This trend is also set to continue in 2017 where there’s expected to be more internet traffic than all prior years combined.

Maile Ohye, Google’s Developer Program’s Tech Lead, noted in her video Site Performance For Webmasters that your site should load in 2 seconds or less, but those at Google aim for half a second, or 500 milliseconds.

Ohye also talks about a study Microsoft and Google did in 2010 where they purposefully delayed site loading times. At 500 ms, customer dissatisfaction went up by 0.9% and when loading times climbed to two seconds, dissatisfaction also went up by 3.8%.

This may not seem like much, but visitors were so angry, Microsoft quickly pulled the experiment.

Bottom line: If you want people to visit your site, stay longer and actually come back, a major factor in achieving this is a fast page load time.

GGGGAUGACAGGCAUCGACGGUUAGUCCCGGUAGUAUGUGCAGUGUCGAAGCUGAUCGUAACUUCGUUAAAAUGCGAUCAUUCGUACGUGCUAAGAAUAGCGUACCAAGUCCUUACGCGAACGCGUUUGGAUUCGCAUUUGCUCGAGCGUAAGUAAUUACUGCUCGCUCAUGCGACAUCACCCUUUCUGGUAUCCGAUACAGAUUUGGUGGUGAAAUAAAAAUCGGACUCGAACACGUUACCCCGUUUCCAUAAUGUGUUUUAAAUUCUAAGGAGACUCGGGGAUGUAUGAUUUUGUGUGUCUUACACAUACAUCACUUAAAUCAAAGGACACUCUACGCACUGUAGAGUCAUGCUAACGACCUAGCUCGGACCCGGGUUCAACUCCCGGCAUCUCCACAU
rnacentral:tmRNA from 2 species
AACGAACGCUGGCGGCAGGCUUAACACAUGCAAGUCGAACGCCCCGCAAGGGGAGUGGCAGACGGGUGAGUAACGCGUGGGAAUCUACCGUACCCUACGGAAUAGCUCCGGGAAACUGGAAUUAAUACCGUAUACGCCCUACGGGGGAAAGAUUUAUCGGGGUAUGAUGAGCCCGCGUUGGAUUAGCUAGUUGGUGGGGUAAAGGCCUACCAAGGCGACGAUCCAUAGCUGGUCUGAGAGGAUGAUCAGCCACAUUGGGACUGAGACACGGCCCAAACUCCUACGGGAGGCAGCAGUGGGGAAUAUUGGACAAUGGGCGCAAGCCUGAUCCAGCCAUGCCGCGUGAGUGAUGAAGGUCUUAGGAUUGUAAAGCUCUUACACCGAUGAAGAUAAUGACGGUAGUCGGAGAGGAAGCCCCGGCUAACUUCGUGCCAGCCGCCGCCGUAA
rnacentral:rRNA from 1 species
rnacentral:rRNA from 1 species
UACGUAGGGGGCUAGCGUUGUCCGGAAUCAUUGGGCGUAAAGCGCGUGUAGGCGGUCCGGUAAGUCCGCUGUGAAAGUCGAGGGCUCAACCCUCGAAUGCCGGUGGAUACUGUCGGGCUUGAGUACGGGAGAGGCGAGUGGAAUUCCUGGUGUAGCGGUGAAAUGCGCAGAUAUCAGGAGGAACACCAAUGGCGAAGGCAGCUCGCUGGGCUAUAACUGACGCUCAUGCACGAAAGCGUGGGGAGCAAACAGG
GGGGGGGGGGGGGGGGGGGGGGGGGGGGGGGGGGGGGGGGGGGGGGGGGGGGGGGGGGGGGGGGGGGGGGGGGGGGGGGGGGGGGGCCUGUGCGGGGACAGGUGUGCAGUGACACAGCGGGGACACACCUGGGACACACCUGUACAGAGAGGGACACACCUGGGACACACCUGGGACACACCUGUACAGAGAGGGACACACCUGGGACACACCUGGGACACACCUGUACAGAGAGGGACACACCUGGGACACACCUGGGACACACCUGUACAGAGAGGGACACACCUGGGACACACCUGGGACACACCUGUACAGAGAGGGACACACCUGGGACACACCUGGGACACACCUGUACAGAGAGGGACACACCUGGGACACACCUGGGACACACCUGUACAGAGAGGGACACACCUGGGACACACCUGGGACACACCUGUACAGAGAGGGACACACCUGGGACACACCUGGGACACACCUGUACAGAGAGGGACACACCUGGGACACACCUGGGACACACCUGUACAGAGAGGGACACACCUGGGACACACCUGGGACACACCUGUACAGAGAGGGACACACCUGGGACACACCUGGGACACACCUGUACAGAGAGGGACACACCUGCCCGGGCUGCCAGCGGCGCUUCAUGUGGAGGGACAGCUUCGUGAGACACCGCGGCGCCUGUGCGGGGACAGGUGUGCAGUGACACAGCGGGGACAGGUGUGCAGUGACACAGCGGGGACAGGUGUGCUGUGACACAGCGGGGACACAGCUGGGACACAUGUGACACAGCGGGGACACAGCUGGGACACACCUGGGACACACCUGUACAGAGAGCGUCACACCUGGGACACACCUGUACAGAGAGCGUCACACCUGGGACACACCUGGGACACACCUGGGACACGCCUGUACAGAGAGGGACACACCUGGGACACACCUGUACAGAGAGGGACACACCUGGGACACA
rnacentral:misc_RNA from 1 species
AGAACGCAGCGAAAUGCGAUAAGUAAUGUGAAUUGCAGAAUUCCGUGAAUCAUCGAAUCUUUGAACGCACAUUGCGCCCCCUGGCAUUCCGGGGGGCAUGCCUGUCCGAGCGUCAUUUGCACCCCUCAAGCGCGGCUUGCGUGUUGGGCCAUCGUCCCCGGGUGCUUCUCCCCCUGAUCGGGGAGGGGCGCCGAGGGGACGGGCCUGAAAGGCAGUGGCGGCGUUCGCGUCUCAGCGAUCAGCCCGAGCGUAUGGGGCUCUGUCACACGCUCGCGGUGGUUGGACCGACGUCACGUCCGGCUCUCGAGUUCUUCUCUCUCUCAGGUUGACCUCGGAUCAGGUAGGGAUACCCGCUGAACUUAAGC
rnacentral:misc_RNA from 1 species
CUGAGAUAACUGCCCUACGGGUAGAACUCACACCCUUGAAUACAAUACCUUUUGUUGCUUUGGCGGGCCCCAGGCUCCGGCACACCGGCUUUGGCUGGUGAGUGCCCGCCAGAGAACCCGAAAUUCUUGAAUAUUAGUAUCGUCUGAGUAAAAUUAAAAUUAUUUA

What is Google PageSpeed Insights

Google PageSpeed Insights is a tool you can use to rate your site’s performance with a score ranging from zero to 100 for both mobile and desktop versions.

It checks for ways your site could improve its performance for the time it takes to load above-the-fold content and the time it takes for the whole page to load.

The higher you score, the better your site is measured to perform.

My Point-by-Point Play…

Regardless of why I needed that 100 score, it gleamed in my mind like a first place trophy and I had to have it on my mantle! I was willing to pull out all the stops to get it so here’s what I did to improve my site’s performance before steam started blowing out both my ears.

Feel free to follow along and create your own exact replica test site so you can see my frustration progress first-hand.

After I created and installed a fresh WordPress Multisite network, I added these plugins: